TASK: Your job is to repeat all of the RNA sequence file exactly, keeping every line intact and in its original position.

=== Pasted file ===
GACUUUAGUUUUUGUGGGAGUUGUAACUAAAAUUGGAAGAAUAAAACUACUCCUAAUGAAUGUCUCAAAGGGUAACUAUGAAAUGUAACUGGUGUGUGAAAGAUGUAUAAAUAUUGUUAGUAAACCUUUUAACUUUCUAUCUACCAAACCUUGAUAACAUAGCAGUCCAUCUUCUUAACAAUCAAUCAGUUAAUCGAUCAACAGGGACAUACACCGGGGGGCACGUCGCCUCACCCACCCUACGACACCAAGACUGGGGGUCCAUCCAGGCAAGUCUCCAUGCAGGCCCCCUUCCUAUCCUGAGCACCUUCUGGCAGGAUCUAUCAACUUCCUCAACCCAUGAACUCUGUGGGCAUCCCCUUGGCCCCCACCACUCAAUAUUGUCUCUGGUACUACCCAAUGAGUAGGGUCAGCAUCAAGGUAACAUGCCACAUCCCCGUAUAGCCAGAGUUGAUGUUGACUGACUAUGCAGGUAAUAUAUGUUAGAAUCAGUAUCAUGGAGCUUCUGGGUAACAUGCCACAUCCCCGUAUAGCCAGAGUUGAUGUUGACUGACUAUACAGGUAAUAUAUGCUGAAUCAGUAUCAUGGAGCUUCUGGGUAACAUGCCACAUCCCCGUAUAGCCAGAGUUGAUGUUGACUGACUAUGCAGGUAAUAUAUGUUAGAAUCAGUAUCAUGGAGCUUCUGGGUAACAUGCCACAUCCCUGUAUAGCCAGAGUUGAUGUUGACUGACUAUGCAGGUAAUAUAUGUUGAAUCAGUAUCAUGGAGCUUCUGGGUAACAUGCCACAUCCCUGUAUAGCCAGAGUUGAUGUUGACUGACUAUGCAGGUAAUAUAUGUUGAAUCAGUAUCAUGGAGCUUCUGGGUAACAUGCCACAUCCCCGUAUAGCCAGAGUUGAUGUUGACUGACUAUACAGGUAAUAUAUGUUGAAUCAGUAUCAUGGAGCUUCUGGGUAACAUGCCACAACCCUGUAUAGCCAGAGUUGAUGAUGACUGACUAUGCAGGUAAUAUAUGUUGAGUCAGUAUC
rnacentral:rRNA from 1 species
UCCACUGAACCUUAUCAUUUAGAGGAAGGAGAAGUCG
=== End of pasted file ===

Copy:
GACUUUAGUUUUUGUGGGAGUUGUAACUAAAAUUGGAAGAAUAAAACUACUCCUAAUGAAUGUCUCAAAGGGUAACUAUGAAAUGUAACUGGUGUGUGAAAGAUGUAUAAAUAUUGUUAGUAAACCUUUUAACUUUCUAUCUACCAAACCUUGAUAACAUAGCAGUCCAUCUUCUUAACAAUCAAUCAGUUAAUCGAUCAACAGGGACAUACACCGGGGGGCACGUCGCCUCACCCACCCUACGACACCAAGACUGGGGGUCCAUCCAGGCAAGUCUCCAUGCAGGCCCCCUUCCUAUCCUGAGCACCUUCUGGCAGGAUCUAUCAACUUCCUCAACCCAUGAACUCUGUGGGCAUCCCCUUGGCCCCCACCACUCAAUAUUGUCUCUGGUACUACCCAAUGAGUAGGGUCAGCAUCAAGGUAACAUGCCACAUCCCCGUAUAGCCAGAGUUGAUGUUGACUGACUAUGCAGGUAAUAUAUGUUAGAAUCAGUAUCAUGGAGCUUCUGGGUAACAUGCCACAUCCCCGUAUAGCCAGAGUUGAUGUUGACUGACUAUACAGGUAAUAUAUGCUGAAUCAGUAUCAUGGAGCUUCUGGGUAACAUGCCACAUCCCCGUAUAGCCAGAGUUGAUGUUGACUGACUAUGCAGGUAAUAUAUGUUAGAAUCAGUAUCAUGGAGCUUCUGGGUAACAUGCCACAUCCCUGUAUAGCCAGAGUUGAUGUUGACUGACUAUGCAGGUAAUAUAUGUUGAAUCAGUAUCAUGGAGCUUCUGGGUAACAUGCCACAUCCCUGUAUAGCCAGAGUUGAUGUUGACUGACUAUGCAGGUAAUAUAUGUUGAAUCAGUAUCAUGGAGCUUCUGGGUAACAUGCCACAUCCCCGUAUAGCCAGAGUUGAUGUUGACUGACUAUACAGGUAAUAUAUGUUGAAUCAGUAUCAUGGAGCUUCUGGGUAACAUGCCACAACCCUGUAUAGCCAGAGUUGAUGAUGACUGACUAUGCAGGUAAUAUAUGUUGAGUCAGUAUC
rnacentral:rRNA from 1 species
UCCACUGAACCUUAUCAUUUAGAGGAAGGAGAAGUCG